Through Online Orders And Farmers Market Pop-Ups, Lemma’s Bakeshop Is Spreading The Fictional Coach’s Gospel Of Joy And Positivity With Baked Goods.
The comedy series Ted Lasso has garnered quite a dedicated following since it’s release in August of 2020. Led by comedy veteran Jason Sudeikis, the Apple TV+ show tells the story of, well, Ted Lasso — an American football coach who is hired to coach a European football team in England, even though he doesn’t know much about the sport.
It’s a classic fish-out-of-water story — if also a particularly kind and heartwarming one — as Ted utilizes unconventional means to push forward in his new career despite underestimation from his peers and supervisors.
One of the more charming ways Ted gets on his boss and team owner Rebecca’s good side throughout the series is by baking her biscuits — or shortbread-style tea cakes, as we Americans might call them — much to her initial chagrin, but later to her dependency as part of their regular “Biscuits with the Boss” meetings.
In the wake of the show’s success, this biscuit style has become an iconic staple among Ted Lasso fans, and a quick Google search will show you how many recipes have been shared by an array of bakers.
If you’ve been eyeing Ted’s treats but find are somewhat baking-impaired, no worries. There’s a Dallas-based baker who can deliver these rectangles of love right to your doorstep.
Dallas baker and Ted Lasso fan Cathy McEachern is the founder and owner of Lemma’s Bake Shop, a company she named after her grandmother, who sparked her passion for baking. Among the menu of loaf breads, cakes and cookies, she also bakes what she calls “The Ted Lasso Special” — an offering that has quickly become her best-selling item both through online orders and at the farmers markets where she sells her wares.
The hype is real, too: McEachern’s tea cakes super buttery and delicate, like a less-brittle and slightly sweeter shortbread, then topped with powdered sugar. She herself compares them to a lemon-less lemon bar.
While a number of bakers around the country are hopping aboard the Ted Lasso biscuit hype train in advance of the show’s season two release on July 23, McEachern’s actually been serving her version of Lasso-themed tea cakes for months, having first baked a batch to bring to her family’s Easter dinner. She packaged them in a pink box (just as Ted does in the show) and attached a tag featuring one of Ted’s classic and ever-optimistic quotes — “be a goldfish,” for instance — as a sort of inside joke for her loved ones.
“They ate them all before dinner,” McEachern says. “So I thought, ‘I have something here!’ The next day I took pictures of the tag and posted them to Instagram. It went viral, and I started getting orders like crazy.”
Once she began selling the biscuits, McEachern started incorporating more of the show’s quotes into her packaging, designing a variety of tags so customers can pick whatever Lasso-ism they might’ve needed to hear in that given moment. Some offer inspiration to get through a hard time (“I believe in hope, I believe in believe”), some are just cheeky jokes meant to lift their spirits (“Early drinkin’ means quick drunken”) and others are just solid advice (“Be curious, not judgmental”).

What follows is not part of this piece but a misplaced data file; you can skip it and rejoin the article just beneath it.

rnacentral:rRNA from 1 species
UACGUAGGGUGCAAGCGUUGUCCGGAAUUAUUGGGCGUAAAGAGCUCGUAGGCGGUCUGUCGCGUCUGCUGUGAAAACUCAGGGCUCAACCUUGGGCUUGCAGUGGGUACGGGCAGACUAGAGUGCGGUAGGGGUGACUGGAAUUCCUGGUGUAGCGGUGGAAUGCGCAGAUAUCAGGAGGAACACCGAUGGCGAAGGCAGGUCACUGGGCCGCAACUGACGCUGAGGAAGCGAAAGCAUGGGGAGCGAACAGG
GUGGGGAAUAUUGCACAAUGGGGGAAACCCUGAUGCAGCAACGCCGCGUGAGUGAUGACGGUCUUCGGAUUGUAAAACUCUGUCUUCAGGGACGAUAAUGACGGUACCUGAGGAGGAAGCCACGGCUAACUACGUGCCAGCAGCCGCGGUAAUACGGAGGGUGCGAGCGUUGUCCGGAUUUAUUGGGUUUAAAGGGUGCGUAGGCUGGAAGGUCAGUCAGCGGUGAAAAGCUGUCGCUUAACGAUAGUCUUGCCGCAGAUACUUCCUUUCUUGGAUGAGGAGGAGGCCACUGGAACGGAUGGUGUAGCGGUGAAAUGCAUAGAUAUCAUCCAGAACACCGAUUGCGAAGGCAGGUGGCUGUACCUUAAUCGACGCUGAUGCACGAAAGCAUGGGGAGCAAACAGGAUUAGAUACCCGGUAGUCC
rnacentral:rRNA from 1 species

“When I’m at a market, it’s fun to see what people pick,” McEachern says. “What’s your personality? Which one will you pick?”
This sort of connection between baker and customer is what makes small businesses like McEachern’s develop value beyond a monetary transaction. There’s a level of intimacy within sharing baked goods and the implied things you say by giving them to someone.
“Whenever you give anybody something homemade, there’s something really personal about it,” the baker says. “You just want to spread a little love and cheer people up a little bit because life is hard enough. [So you] might as well have some fun with it and make everybody a little happier!”
So, what is it exactly about Ted Lasso that has people flocking to both the show and Lemma’s Bakeshop? McEachern chalks it up to relatability and the protagonist’s endless positivity. It helps, she says, that audiences needed something uplifting to binge-watch during a year-and-a-half-long pandemic.
“I think we all felt like, ‘What am I doing? Where do we go from here?'” McEachern says, “And there’s this guy who’s hired to do this job, and they want him to fail. We’ve all felt that way at some point.”
Despite the lack of a support system, though, Sudeikis’ Ted is resilient and keeps his upbeat demeanor in the face of all difficulties.
“He’s very kind, and I think that we all need a little more kindness,” McEachern says.
With the arrival of the show’s second season, McEachern is preparing for an inevitable increase in orders, and even possibly booking some coffee shop pop-up events. You can visit her shop’s website to place an order for pickup or delivery, and to keep tabs on her farmers market appearances. And you catch the new season of Ted Lasso when it begins streaming on Apple TV+ on July 23.
For her part, McEachern says she’ll definitely be watching.
“I’m gonna have a watch party with my friends and my little tea cakes,” she says with excitement. “I’ll be taking notes for some new funny quotes and see what he comes up with for some more inspirational ideas.”
All photos by Frances Tingle.